The World's Sixteen Crucified Saviors (remember reading back in the BBS days - any religious-heads feel free to elucidate, debunk, etc)
posted by ao4047 at 6:01 AM on February 27, 2004


>How come hardly anyone remembers the 6000 rebel slaves along a dusty road, but you crucify one carpenter and people still talk about it 2000 years later?
Crucifixion was an embarassing thing back then; it was the most shameful form of execution that the Romans could subject a person to. People tried not to talk about crucifixion because it was such an uncomfortable subject.

Rome, c. 1 A.D.
"So what happened to old Gaius?"
"He was crucified."
"Oh." Uneasy silence. "Um, why?"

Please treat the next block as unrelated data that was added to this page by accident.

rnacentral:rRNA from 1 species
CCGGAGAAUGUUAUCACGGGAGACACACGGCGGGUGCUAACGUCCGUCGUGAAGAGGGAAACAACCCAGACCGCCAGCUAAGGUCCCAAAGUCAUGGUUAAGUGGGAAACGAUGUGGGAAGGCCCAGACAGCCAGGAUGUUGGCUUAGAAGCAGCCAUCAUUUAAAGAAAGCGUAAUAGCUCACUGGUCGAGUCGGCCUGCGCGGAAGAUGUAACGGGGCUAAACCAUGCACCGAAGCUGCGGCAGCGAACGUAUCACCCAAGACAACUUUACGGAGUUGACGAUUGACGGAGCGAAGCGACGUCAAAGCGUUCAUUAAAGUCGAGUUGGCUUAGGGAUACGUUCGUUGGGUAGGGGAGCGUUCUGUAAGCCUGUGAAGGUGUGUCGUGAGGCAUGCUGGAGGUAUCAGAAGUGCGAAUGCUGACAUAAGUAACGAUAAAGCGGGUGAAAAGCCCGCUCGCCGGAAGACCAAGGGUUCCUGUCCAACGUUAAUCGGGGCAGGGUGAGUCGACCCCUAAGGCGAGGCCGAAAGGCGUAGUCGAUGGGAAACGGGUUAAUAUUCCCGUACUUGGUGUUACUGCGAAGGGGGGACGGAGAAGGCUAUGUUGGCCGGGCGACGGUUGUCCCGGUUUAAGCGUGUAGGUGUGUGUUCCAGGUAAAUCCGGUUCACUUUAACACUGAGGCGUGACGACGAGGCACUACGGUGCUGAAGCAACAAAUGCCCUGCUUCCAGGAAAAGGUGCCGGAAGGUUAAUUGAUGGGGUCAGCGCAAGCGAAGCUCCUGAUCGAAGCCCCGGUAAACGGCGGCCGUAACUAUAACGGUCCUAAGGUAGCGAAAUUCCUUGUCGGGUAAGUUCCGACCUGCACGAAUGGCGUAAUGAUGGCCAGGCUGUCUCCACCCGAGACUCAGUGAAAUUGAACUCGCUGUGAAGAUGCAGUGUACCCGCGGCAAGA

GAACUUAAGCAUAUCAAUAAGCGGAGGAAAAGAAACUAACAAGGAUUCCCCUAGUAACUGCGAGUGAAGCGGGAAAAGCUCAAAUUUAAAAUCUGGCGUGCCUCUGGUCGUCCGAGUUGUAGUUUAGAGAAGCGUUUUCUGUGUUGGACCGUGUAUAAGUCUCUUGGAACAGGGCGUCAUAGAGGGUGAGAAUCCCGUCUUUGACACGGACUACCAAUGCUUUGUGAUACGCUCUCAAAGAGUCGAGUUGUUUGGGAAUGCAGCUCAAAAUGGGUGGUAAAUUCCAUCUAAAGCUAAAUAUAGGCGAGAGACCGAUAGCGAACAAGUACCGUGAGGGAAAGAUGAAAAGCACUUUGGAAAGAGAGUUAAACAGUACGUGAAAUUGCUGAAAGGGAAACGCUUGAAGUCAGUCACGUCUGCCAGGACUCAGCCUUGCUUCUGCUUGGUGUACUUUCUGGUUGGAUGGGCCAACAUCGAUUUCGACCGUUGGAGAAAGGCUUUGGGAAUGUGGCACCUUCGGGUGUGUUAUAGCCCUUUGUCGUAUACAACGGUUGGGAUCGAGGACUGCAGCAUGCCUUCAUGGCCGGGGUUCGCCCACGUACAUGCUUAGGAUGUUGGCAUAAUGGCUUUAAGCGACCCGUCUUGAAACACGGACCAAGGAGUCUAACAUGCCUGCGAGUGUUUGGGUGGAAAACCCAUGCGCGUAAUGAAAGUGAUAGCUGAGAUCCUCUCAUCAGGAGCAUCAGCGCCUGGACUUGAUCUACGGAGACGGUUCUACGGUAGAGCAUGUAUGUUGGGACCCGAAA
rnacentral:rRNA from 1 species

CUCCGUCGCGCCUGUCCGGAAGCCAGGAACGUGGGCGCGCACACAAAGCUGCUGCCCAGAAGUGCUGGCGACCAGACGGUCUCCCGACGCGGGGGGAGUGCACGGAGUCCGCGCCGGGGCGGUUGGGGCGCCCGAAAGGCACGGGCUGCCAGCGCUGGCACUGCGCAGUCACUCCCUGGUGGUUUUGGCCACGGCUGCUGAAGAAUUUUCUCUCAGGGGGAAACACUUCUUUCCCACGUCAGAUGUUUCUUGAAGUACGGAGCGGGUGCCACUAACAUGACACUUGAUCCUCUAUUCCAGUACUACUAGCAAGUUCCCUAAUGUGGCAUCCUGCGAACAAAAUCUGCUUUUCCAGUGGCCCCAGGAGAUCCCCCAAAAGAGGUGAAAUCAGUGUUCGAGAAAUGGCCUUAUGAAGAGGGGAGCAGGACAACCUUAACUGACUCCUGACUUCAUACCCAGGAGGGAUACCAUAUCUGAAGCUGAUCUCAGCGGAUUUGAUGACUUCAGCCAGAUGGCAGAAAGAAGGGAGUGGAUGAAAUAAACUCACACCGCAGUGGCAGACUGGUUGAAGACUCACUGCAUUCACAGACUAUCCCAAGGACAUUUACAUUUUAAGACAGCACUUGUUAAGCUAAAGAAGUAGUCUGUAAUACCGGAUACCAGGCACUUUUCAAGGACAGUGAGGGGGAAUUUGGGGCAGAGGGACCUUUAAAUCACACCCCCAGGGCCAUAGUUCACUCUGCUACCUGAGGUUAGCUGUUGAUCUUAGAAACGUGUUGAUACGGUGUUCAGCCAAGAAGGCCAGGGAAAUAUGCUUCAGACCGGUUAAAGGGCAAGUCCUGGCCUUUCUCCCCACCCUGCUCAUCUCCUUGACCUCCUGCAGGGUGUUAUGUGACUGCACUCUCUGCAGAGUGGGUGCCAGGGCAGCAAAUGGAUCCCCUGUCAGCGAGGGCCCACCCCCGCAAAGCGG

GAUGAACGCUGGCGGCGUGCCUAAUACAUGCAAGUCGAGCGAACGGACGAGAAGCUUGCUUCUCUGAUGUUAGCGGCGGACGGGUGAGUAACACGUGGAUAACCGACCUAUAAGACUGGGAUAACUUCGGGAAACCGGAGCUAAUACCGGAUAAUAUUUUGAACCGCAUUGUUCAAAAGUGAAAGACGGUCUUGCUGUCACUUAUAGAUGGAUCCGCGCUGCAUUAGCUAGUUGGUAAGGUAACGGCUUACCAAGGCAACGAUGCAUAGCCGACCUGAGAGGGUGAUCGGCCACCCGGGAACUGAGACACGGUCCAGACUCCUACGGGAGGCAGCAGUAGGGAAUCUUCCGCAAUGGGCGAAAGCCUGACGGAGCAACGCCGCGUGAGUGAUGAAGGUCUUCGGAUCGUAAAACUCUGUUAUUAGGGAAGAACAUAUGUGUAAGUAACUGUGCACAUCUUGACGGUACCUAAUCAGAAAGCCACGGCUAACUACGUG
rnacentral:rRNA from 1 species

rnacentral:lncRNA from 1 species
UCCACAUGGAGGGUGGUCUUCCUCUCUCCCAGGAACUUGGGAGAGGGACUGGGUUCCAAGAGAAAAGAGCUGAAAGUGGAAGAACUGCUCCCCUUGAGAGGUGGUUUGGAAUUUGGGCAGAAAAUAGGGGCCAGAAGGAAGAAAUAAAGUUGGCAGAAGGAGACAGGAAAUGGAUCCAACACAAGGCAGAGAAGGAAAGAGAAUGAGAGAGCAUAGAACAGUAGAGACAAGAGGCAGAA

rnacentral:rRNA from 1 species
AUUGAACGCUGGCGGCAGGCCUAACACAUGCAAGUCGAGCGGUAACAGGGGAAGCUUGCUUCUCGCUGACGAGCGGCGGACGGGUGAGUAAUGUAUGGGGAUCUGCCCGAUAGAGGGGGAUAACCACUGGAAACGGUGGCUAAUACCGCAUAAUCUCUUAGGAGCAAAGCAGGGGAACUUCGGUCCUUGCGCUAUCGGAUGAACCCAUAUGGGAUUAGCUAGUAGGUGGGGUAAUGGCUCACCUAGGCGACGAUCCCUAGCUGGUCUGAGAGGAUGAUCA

"He was bloody well crucified, so shut up."

The whole point of crucifixion was just as much about shaming the victim as it was about killing him, which is why the Gospels are so unique in that they actually glorify a crucified Messiah, where a normal religious account would play it down or omit it altogether.

Bruce Fisk's review of The Passion mentions the shame aspect of crucifixion in detail.

a04047, as for the 16 Crucified Saviors, I know that at least one of them, Krishna, certainly was never crucified in any Hindu text I know of -- at least, not before Christianity came about. J. P. Holding has an article on that, to the tune of Krishna!=Christ.
posted by brownpau at 6:32 AM on February 27, 2004


Jesus was the only one that rose from the dead.
posted by konolia at 6:52 AM on February 27, 2004


Jesus was the only one that rose from the dead.

The accounts linked by ao4047 beg to differ.
posted by PsychoKick at 7:08 AM on February 27, 2004


Apologist J.P.Holding has a series of texts debunking each of Kersey Graves' 16 crucifixees, but his site navigation is so mystery-meaty that I need to link to a Google site search to get everything.